Last week we talked about leading yourself and designing your leadership vision. This week we will focus on leading your team starting with defining your organization’s vision and mission. A leadership vision is articulating what you want for your organization, your team, in the future.
One way to start defining your vision and mission is by looking at department goals and objectives. Both serve different purposes and are often confused with each other. While a mission statement describes what a company wants to do now, a vision statement outlines what a company wants to be in the future.
Start with Your Vision
Vision statements are always future state, what you aspire to be; your goal. I like to project 3-5 years into the future, and I typically align with the length of the strategic plan. Technology changes at such a rapid pace that it is rarely practical to project further than five years.
In my work with CIO’s, I often ask to help with the development of their IT Strategy. Vision and Mission are the foundation for any strategy endeavor. To write a strong vision statement, you should consider aligning the IT Vision to the organization’s objectives and vision.
What goals need to be achieved and in what time frame do they need to be delivered?
Prioritize, what is critical, what is not, and why.
How do I best explain why? This discussion leads to the heart of your department’s contribution to the organization. I like to start by answering the following questions:
- Why does our organization exist?
- How can we do things different or more effectively?
- What outcome or direction is necessary to reach our goals?
With those three questions answered, use the output as input into describing what success will look like once you achieve your objectives in the form of an easy to understand the aspirational statement.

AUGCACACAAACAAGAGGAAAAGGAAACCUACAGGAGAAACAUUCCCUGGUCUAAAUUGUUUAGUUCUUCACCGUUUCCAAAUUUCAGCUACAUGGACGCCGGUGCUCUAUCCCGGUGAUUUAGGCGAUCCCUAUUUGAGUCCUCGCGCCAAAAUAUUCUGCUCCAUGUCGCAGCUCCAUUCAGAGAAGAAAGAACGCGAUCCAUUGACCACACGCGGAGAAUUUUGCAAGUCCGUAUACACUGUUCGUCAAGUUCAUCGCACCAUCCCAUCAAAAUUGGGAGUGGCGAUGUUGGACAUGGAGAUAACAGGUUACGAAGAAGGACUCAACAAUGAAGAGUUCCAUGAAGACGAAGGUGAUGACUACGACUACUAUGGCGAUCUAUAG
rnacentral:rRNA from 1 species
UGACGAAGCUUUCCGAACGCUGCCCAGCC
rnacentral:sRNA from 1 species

I particularly appreciate Boston College’s Vision Statement for its simplicity:
Information Technology Services will be recognized as a high-performance team providing technology excellence that advances learning, teaching, research, and student formation in alignment with Boston College’s mission and goals.
This vision statement fills four key principles:
Alignment: Ensure that the IT organizational model and all related operational services and duties are correctly aligned and prepared to fulfill the business goals and objectives.
Engagement: Ensure that all IT “vision” stakeholders are on board and fully engaged in technology–related planning and the operational capabilities required to deliver the IT service portfolio.
Best Practices: Ensure that IT is designed to operate within standards, relying on effective management practices and strategies properly sized to meet technology needs and organizational capabilities.
Customer Service: Define the organizational vision to ensure that IT services are provided in a timely, high–quality manner and that they are entirely prepared to fill the operational needs of the end-users while working within the boundaries established by business interests and technology best practices.
This exercise encouraged me to evaluate ITeffectivity’s Vision. My vision is a work in progress, somewhat representative of the evolution of the practice itself. My current vision is:
“To influence leaders to respect and utilize the power of diversity and inclusivity to drive the best outcome.”
A little heady, but adequately epresentative of my personal values and wishes for society.
Now the hard part. Before you finalize your organization’s vision statement ask yourself – Are there gaps or conflicts against my personal vision? If your vision for your team is to engage and foster leading–edge technologies, but your organization’s goals do not support your vision – you will find yourself in unsustainable odds between your own and your team’s vision.